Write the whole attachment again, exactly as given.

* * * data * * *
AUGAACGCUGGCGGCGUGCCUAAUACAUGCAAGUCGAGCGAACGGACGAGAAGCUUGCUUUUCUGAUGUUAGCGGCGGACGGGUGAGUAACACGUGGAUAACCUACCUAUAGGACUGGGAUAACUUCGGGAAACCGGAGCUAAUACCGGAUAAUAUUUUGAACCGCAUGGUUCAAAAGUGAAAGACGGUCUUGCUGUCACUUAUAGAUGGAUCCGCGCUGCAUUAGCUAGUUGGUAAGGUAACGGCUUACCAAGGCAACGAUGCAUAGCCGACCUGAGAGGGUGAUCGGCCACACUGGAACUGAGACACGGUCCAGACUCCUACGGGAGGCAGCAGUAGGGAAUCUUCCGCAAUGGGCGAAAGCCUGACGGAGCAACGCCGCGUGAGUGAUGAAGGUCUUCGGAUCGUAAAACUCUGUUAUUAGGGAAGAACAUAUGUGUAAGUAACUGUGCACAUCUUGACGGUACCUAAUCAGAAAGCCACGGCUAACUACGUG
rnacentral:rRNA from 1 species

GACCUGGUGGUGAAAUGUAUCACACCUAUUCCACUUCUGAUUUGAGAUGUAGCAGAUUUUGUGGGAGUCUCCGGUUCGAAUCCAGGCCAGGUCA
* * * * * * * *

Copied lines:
AUGAACGCUGGCGGCGUGCCUAAUACAUGCAAGUCGAGCGAACGGACGAGAAGCUUGCUUUUCUGAUGUUAGCGGCGGACGGGUGAGUAACACGUGGAUAACCUACCUAUAGGACUGGGAUAACUUCGGGAAACCGGAGCUAAUACCGGAUAAUAUUUUGAACCGCAUGGUUCAAAAGUGAAAGACGGUCUUGCUGUCACUUAUAGAUGGAUCCGCGCUGCAUUAGCUAGUUGGUAAGGUAACGGCUUACCAAGGCAACGAUGCAUAGCCGACCUGAGAGGGUGAUCGGCCACACUGGAACUGAGACACGGUCCAGACUCCUACGGGAGGCAGCAGUAGGGAAUCUUCCGCAAUGGGCGAAAGCCUGACGGAGCAACGCCGCGUGAGUGAUGAAGGUCUUCGGAUCGUAAAACUCUGUUAUUAGGGAAGAACAUAUGUGUAAGUAACUGUGCACAUCUUGACGGUACCUAAUCAGAAAGCCACGGCUAACUACGUG
rnacentral:rRNA from 1 species

GACCUGGUGGUGAAAUGUAUCACACCUAUUCCACUUCUGAUUUGAGAUGUAGCAGAUUUUGUGGGAGUCUCCGGUUCGAAUCCAGGCCAGGUCA